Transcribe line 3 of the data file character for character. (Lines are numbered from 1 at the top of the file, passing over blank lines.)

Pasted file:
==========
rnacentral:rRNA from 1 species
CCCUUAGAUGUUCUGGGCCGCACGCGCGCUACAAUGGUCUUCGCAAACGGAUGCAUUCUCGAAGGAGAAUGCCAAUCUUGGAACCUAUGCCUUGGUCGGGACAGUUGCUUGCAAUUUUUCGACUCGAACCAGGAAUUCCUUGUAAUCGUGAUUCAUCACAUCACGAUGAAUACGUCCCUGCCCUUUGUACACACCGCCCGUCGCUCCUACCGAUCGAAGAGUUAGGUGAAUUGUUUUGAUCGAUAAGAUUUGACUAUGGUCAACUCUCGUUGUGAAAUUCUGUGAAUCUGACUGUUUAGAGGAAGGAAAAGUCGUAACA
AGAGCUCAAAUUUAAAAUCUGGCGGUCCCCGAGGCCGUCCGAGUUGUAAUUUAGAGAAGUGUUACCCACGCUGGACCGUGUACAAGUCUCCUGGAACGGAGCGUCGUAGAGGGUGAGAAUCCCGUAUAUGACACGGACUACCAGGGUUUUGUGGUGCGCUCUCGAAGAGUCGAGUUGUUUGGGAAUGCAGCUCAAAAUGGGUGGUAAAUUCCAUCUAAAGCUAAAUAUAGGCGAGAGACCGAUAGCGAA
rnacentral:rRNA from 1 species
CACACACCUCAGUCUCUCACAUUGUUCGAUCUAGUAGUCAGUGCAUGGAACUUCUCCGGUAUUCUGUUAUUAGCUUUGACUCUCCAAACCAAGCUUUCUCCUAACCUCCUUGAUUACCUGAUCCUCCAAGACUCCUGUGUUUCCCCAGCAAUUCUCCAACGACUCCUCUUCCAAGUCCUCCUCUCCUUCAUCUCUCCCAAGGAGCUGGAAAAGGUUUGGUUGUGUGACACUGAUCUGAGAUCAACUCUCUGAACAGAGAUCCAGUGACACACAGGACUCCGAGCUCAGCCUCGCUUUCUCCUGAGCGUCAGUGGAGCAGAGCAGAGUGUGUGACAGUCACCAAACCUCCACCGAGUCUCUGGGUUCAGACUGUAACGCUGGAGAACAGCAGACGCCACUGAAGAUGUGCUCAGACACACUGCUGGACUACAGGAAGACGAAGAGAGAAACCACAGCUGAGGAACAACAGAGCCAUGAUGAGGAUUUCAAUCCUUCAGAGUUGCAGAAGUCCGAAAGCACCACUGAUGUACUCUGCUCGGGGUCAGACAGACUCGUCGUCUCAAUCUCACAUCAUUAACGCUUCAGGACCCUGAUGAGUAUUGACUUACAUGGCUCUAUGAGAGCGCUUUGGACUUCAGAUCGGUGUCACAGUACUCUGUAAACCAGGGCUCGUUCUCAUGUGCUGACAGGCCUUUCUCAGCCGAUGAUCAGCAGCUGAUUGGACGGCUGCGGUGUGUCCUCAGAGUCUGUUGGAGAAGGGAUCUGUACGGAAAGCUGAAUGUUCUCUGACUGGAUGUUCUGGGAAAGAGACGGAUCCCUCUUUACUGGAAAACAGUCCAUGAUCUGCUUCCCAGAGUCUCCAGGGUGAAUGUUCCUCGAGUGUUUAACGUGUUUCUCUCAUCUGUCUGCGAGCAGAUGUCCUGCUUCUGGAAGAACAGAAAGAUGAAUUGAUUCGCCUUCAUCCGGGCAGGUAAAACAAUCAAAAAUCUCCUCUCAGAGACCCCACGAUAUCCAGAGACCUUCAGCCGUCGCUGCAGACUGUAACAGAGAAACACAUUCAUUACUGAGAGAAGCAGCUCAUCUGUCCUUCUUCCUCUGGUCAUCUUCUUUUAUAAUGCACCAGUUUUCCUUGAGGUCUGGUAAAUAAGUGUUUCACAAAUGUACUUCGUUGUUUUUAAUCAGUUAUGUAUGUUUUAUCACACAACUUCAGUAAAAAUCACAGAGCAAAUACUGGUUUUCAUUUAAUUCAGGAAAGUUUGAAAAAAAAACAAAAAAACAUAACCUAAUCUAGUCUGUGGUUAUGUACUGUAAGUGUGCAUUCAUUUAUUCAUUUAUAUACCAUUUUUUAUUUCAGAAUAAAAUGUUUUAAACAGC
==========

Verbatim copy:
AGAGCUCAAAUUUAAAAUCUGGCGGUCCCCGAGGCCGUCCGAGUUGUAAUUUAGAGAAGUGUUACCCACGCUGGACCGUGUACAAGUCUCCUGGAACGGAGCGUCGUAGAGGGUGAGAAUCCCGUAUAUGACACGGACUACCAGGGUUUUGUGGUGCGCUCUCGAAGAGUCGAGUUGUUUGGGAAUGCAGCUCAAAAUGGGUGGUAAAUUCCAUCUAAAGCUAAAUAUAGGCGAGAGACCGAUAGCGAA